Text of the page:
Wizards Of The Coast Apologizes For Controversial D&D OGL Changes

Wizards Of The Coast Apologizes For Controversial D&D OGL Changes

Over the past week, you may have heard that Wizards of the Coast and Hasbro stirred up a bit of controversy regarding D&D's OGL (Open Game License). Plans to implement unpopular changes that would clamp down on unofficial RPGs were quickly walked back in an attempt to mitigate some of the backlash, but now Wizards of the Coast has issued a formal apology and explained how updating the OGL will work in the future.

The apology comes from Dungeons & Dragons exectuive producer Kyle Brink via a blog post on the official D&D Beyond website. In the post, Brink talks about wanting to create "a path forward" and says that the company "got it wrong" in reference to the OGL changes.

"We are sorry," says Brink. "We got it wrong. Our language and requirements in the draft OGL were disruptive to creators and not in support of our core goals of protecting and cultivating an inclusive play environment and limiting the OGL to TTRPGs. Then we compounded things by being silent for too long. We hurt fans and creators, when more frequent and clear communications could have prevented so much of this."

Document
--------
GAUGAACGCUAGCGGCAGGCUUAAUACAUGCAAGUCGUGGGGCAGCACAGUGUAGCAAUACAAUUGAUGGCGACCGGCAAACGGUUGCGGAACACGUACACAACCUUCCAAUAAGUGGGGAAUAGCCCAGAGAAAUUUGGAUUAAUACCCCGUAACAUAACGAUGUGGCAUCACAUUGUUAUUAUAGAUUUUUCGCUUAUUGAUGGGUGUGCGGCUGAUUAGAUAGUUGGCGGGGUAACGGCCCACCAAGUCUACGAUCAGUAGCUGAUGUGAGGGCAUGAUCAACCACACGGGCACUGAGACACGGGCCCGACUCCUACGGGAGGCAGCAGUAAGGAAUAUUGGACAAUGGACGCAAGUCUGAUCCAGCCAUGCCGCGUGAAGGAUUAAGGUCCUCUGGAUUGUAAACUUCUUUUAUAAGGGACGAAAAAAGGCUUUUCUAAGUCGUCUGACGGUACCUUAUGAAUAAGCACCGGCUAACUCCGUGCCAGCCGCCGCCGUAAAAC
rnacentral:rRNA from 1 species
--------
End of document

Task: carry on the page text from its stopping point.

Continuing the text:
Brink also explains that future changes to the OGL will be made more "open and transparent" as Wizards of the Coast will now ask for player feedback. Before January 20, a new OGl draft will be written up and players will be allowed to review changes and leave feedback. Wizards will then use this feedback to make iterations on their previous draft, thus taking into account the opinions of players and making the process more transparent.

Brink also outlines the content that will never be affected by any future OGL changes, such as video content, accessories for your owned content, non-published works, and a whole lot more. Hopefully, this will go some way to helping Wizards repair the damage its inflicted on player trust, although it will probably need to work a lot harder to get everyone back on board.

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